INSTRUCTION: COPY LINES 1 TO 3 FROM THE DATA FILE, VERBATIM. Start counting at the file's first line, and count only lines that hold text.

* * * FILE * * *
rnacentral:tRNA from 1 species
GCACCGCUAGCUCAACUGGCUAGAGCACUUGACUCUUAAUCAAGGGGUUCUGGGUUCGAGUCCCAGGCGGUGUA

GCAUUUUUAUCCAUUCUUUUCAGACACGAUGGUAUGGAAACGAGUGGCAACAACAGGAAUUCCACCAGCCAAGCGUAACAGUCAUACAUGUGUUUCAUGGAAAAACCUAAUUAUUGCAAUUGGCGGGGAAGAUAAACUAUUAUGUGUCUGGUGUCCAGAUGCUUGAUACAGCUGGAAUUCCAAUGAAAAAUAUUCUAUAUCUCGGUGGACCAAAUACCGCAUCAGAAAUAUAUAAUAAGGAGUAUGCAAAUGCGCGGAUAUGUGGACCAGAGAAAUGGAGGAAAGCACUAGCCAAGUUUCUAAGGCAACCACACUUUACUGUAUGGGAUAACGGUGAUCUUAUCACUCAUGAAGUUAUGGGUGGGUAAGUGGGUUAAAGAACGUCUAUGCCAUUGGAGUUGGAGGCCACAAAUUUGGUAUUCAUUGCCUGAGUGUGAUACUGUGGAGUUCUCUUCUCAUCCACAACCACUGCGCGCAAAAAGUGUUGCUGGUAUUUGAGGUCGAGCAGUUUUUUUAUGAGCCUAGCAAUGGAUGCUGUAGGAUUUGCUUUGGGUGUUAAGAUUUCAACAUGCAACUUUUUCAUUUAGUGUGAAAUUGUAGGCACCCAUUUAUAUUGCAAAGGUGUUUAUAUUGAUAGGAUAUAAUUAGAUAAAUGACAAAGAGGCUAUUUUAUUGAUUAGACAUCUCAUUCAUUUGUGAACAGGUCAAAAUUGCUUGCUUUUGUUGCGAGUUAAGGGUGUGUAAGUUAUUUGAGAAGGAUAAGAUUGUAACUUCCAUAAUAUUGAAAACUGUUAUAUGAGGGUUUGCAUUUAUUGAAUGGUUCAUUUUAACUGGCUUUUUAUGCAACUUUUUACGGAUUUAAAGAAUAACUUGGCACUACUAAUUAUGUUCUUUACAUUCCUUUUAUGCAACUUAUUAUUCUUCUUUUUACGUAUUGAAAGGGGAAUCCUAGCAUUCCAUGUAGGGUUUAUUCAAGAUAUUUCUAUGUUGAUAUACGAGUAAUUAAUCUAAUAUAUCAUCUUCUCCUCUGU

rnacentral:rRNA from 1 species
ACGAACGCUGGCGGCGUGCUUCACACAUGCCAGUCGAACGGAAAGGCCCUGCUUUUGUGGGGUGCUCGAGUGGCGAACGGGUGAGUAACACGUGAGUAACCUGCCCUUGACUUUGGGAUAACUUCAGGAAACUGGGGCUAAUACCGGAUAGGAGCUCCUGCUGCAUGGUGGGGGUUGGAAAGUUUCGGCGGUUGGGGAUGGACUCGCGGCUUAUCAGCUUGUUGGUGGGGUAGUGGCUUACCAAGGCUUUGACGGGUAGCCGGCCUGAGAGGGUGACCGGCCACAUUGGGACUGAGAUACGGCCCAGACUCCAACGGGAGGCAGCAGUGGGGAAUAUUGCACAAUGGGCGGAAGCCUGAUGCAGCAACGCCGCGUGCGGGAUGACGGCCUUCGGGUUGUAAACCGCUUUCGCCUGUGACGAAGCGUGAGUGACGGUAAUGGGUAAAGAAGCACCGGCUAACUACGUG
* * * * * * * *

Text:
rnacentral:tRNA from 1 species
GCACCGCUAGCUCAACUGGCUAGAGCACUUGACUCUUAAUCAAGGGGUUCUGGGUUCGAGUCCCAGGCGGUGUA

GCAUUUUUAUCCAUUCUUUUCAGACACGAUGGUAUGGAAACGAGUGGCAACAACAGGAAUUCCACCAGCCAAGCGUAACAGUCAUACAUGUGUUUCAUGGAAAAACCUAAUUAUUGCAAUUGGCGGGGAAGAUAAACUAUUAUGUGUCUGGUGUCCAGAUGCUUGAUACAGCUGGAAUUCCAAUGAAAAAUAUUCUAUAUCUCGGUGGACCAAAUACCGCAUCAGAAAUAUAUAAUAAGGAGUAUGCAAAUGCGCGGAUAUGUGGACCAGAGAAAUGGAGGAAAGCACUAGCCAAGUUUCUAAGGCAACCACACUUUACUGUAUGGGAUAACGGUGAUCUUAUCACUCAUGAAGUUAUGGGUGGGUAAGUGGGUUAAAGAACGUCUAUGCCAUUGGAGUUGGAGGCCACAAAUUUGGUAUUCAUUGCCUGAGUGUGAUACUGUGGAGUUCUCUUCUCAUCCACAACCACUGCGCGCAAAAAGUGUUGCUGGUAUUUGAGGUCGAGCAGUUUUUUUAUGAGCCUAGCAAUGGAUGCUGUAGGAUUUGCUUUGGGUGUUAAGAUUUCAACAUGCAACUUUUUCAUUUAGUGUGAAAUUGUAGGCACCCAUUUAUAUUGCAAAGGUGUUUAUAUUGAUAGGAUAUAAUUAGAUAAAUGACAAAGAGGCUAUUUUAUUGAUUAGACAUCUCAUUCAUUUGUGAACAGGUCAAAAUUGCUUGCUUUUGUUGCGAGUUAAGGGUGUGUAAGUUAUUUGAGAAGGAUAAGAUUGUAACUUCCAUAAUAUUGAAAACUGUUAUAUGAGGGUUUGCAUUUAUUGAAUGGUUCAUUUUAACUGGCUUUUUAUGCAACUUUUUACGGAUUUAAAGAAUAACUUGGCACUACUAAUUAUGUUCUUUACAUUCCUUUUAUGCAACUUAUUAUUCUUCUUUUUACGUAUUGAAAGGGGAAUCCUAGCAUUCCAUGUAGGGUUUAUUCAAGAUAUUUCUAUGUUGAUAUACGAGUAAUUAAUCUAAUAUAUCAUCUUCUCCUCUGU